Enthusiast integrated iRacing racing simulator into a real car (2 videos)

Some inventions of homegrown craftsmen do notthey are only ahead of the time, but they are created on the face of the day in a form much better than the development of large high-tech companies. Long before the start of quarantine self-isolation, which limited humanity to the limit of the walls of their own home, a fan of racing simulators Brent Cheney from the USA began a project to turn their own Mini Cooper S car into a BasementGP racing simulator.

The BasementGP project started ten months ago and aboutDuring its implementation stages, the enthusiast regularly posted video reports stored in two dozen videos on YouTube. The conversion of the Mini Cooper S to a racing simulator was completed in January 2020 in anticipation of quarantine imposed across America, restricting the movement of citizens.

To work on creating a "basement simulator"Cheney used the 2005 Mini Cooper S with an idle engine, which the enthusiast bought for $ 1,000. The enterprising inventor dismantled the work units from the car and sold them for the same thousand dollars.

Cheney's next step was movingcar in the basement of his house. For this, the Mini Cooper case was disassembled into its components, moved to the basement and reassembled on a wooden frame.

As the software was selectediRacing racing simulator, and the role of the engine was performed by a powerful modern computer with an Intel Core i9-9900K 3.6 GHz 8-Core processor and an Asus PRIME Z390-A ATX LGA1151 motherboard. The RAM was 16 GB (Vengeance RGB Pro 16 GB (2 x 8 GB) DDR4-3000). Read Only Memory - SSD SanDisk Ultra 3D 1 TB. The graphics processing unit is the NVIDIA GeForce RTX 2080 8 GB Founders Edition Video Card. A computer is running in a car running Windows 10 Home OEM 64-bit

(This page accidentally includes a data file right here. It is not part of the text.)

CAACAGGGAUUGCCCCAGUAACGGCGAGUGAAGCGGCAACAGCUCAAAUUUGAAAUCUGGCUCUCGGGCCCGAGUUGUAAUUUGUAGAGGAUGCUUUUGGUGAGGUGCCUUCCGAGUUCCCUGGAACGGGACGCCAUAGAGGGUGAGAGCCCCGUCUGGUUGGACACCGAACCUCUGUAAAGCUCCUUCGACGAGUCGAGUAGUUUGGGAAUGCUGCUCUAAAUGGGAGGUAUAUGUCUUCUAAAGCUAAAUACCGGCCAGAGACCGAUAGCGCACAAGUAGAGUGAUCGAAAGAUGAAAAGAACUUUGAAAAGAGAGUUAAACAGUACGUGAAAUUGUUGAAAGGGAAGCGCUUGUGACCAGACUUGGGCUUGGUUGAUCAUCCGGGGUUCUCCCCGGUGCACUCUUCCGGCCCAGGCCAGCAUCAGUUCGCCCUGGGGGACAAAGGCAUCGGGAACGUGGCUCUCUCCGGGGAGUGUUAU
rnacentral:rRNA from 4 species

Inventor to display the racing processchose an ultra-wide (32: 9) curved gaming monitor Samsung C49HG90DMI with a diagonal of 49 inches, which fits perfectly into the place of the Mini Cooper windshield. Cheney uses the iPad as an additional source of information. Sound is broadcast using the Harman Kardon 5.1 home theater system with a “tactile” ButtKicker Mini sound system.

As a result, given that the car basethe enthusiast got it for free, the cost of the created BasementGP system amounted to "only" $ 6,500 and now the inventor will not be bored, short time in self-isolation.

Source: Autoblog